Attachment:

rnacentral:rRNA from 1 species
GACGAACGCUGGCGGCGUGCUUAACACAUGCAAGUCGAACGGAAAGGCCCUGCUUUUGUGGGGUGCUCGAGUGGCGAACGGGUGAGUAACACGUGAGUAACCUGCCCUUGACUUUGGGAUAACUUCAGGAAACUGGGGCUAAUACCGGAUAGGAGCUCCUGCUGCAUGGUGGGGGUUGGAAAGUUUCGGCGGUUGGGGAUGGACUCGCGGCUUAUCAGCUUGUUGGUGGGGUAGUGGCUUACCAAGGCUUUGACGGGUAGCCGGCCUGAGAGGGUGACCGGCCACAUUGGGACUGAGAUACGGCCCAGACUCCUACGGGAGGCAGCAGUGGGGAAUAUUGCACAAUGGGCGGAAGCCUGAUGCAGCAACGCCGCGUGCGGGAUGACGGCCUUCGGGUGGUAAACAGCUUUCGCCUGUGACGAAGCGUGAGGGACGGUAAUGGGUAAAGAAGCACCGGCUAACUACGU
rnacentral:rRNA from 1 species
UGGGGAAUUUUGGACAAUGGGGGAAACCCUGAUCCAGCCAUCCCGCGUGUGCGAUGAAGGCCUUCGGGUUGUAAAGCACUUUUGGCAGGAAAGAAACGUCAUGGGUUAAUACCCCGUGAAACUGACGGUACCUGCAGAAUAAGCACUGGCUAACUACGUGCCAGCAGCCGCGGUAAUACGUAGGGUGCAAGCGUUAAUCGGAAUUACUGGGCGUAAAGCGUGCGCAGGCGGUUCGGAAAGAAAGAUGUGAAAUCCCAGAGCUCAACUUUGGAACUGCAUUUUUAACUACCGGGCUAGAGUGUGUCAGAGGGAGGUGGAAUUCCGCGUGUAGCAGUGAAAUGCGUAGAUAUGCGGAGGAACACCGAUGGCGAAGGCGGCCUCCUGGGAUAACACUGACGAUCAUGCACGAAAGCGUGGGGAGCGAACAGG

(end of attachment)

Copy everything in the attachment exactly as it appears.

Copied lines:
rnacentral:rRNA from 1 species
GACGAACGCUGGCGGCGUGCUUAACACAUGCAAGUCGAACGGAAAGGCCCUGCUUUUGUGGGGUGCUCGAGUGGCGAACGGGUGAGUAACACGUGAGUAACCUGCCCUUGACUUUGGGAUAACUUCAGGAAACUGGGGCUAAUACCGGAUAGGAGCUCCUGCUGCAUGGUGGGGGUUGGAAAGUUUCGGCGGUUGGGGAUGGACUCGCGGCUUAUCAGCUUGUUGGUGGGGUAGUGGCUUACCAAGGCUUUGACGGGUAGCCGGCCUGAGAGGGUGACCGGCCACAUUGGGACUGAGAUACGGCCCAGACUCCUACGGGAGGCAGCAGUGGGGAAUAUUGCACAAUGGGCGGAAGCCUGAUGCAGCAACGCCGCGUGCGGGAUGACGGCCUUCGGGUGGUAAACAGCUUUCGCCUGUGACGAAGCGUGAGGGACGGUAAUGGGUAAAGAAGCACCGGCUAACUACGU
rnacentral:rRNA from 1 species
UGGGGAAUUUUGGACAAUGGGGGAAACCCUGAUCCAGCCAUCCCGCGUGUGCGAUGAAGGCCUUCGGGUUGUAAAGCACUUUUGGCAGGAAAGAAACGUCAUGGGUUAAUACCCCGUGAAACUGACGGUACCUGCAGAAUAAGCACUGGCUAACUACGUGCCAGCAGCCGCGGUAAUACGUAGGGUGCAAGCGUUAAUCGGAAUUACUGGGCGUAAAGCGUGCGCAGGCGGUUCGGAAAGAAAGAUGUGAAAUCCCAGAGCUCAACUUUGGAACUGCAUUUUUAACUACCGGGCUAGAGUGUGUCAGAGGGAGGUGGAAUUCCGCGUGUAGCAGUGAAAUGCGUAGAUAUGCGGAGGAACACCGAUGGCGAAGGCGGCCUCCUGGGAUAACACUGACGAUCAUGCACGAAAGCGUGGGGAGCGAACAGG